Francis will have a couple of options for bargaining chips. He can either trade off a draft pick — such as the 2023 second-round pick he acquired in exchange for goaltender Vitek Vanecek — or he can move one of his wingers; Seattle is fairly deep at that position. Additionally, by acquiring a top-six center, someone like Gourde or Järnkrok has the option of moving to wing.
1. Seattle Finishes Second in the Pacific Division
The 2017-18 Golden Knights easily captured the Pacific Division in their first year. They consistently stayed at the top of the standings while fighting off a trio of deadly California teams — the Anaheim Ducks, Los Angeles Kings, and San Jose Sharks.
Heading into 2021-22, the Pacific is, at best, no stronger than it was in 2017-18. The Golden Knights are the clear front-runners, but beyond that, the final two or three playoff spots are a toss-up. The Edmonton Oilers have strung together consecutive seasons in which they have consistently stayed in a playoff spot. They can stay on that track this season, but with the loss of Adam Larsson and the goaltending tandem of Mikko Koskinen & 39-year-old Mike Smith, the Oilers may experience a small decline.
The other team I see possibly fighting with Edmonton for second is the Vancouver Canucks. Last year was an utter disaster for Vancouver, largely attributed to the league’s worst COVID-19 outbreak and the injury to Elias Pettersson. Nonetheless, the Canucks are just two seasons removed from an impressive 2019-20 run and now feature the likes of Oliver Ekman-Larsson, Conor Garland, and Jaroslav Halak. I see the Ducks, Kings, Sharks, and Flames finishing outside the top three spots.
The lackluster division opens the door for the Kraken to make the 2022 Playoffs and finish anywhere from fifth in the division to second. What drives me to place them second is, first and foremost, goaltending. Second, Seattle has the depth to, like the 2017-18 Golden Knights, distribute ice time and offensive opportunities fairly evenly; a depth player like Colin Blackwell or Morgan Geekie could break out similarly to a player like Alex Tuch did in 2017-18.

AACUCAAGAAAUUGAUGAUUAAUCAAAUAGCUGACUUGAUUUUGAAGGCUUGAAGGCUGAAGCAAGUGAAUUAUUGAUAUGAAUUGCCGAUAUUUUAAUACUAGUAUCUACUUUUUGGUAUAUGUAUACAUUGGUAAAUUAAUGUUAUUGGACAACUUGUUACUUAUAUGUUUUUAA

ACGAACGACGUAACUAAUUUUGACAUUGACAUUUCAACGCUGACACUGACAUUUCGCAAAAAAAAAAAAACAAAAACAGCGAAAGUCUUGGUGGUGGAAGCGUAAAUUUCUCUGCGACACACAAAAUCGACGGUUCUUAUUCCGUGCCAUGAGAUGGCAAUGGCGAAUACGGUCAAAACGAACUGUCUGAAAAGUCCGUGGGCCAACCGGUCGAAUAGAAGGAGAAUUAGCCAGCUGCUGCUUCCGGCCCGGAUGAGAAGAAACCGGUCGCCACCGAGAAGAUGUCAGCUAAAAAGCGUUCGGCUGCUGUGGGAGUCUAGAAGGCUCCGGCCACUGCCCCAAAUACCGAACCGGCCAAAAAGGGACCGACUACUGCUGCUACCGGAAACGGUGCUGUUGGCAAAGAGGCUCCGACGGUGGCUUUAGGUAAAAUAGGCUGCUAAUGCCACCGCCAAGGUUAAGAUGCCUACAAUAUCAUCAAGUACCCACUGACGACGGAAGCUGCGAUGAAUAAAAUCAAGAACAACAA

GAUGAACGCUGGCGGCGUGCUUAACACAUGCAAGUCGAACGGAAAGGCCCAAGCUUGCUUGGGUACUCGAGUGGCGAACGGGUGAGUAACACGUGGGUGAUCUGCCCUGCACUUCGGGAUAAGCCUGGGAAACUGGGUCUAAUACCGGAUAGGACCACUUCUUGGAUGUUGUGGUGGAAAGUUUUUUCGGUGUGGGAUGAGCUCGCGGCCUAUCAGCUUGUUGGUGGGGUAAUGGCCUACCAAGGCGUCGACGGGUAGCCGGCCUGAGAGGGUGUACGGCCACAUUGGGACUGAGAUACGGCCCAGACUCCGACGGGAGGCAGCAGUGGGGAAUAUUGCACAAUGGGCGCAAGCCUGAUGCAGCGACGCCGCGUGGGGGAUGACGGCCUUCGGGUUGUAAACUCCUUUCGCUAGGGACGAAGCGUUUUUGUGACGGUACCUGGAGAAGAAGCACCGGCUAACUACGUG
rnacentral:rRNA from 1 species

Lastly, I’ll point to the Kraken’s early-season schedule. In their first 16 games, they only face two teams that made it past the first round of the 2021 Playoffs — the Golden Knights (twice) and the Canadiens. After a difficult stretch in late November, they play 12 of their next 17 at home. This start to the schedule gives Seattle a chance to stay toward the top of the division, even as Gourde heals up.
The Golden Knights proved in 2017-18 that, at the least, NHL expansion teams can compete with a majority of established clubs. With their expansion draft selections, free agency pickups, and coaching staff, I think the Kraken can achieve the same in their first year.
When comparing inaugural season rosters, I think Seattle edges out Vegas. The goaltending is formidable, the defense is more proven, and the forward groups are at least even with each other. We will have to wait and see if Seattle can build and harness the same type of team chemistry and momentum that fueled Vegas to a division title and, ultimately, a trip to the Stanley Cup Final. That said, their individual talents and team composition should at least produce some unexpected results.
Nick covers the Seattle Kraken for THW. At his alma mater, Santa Clara University, he served as sports editor for the campus newspaper but carved out time to cheer on his San Jose Sharks nearby. His professional experience spans reporting, copywriting, and video production for sports, gaming, and tech brands.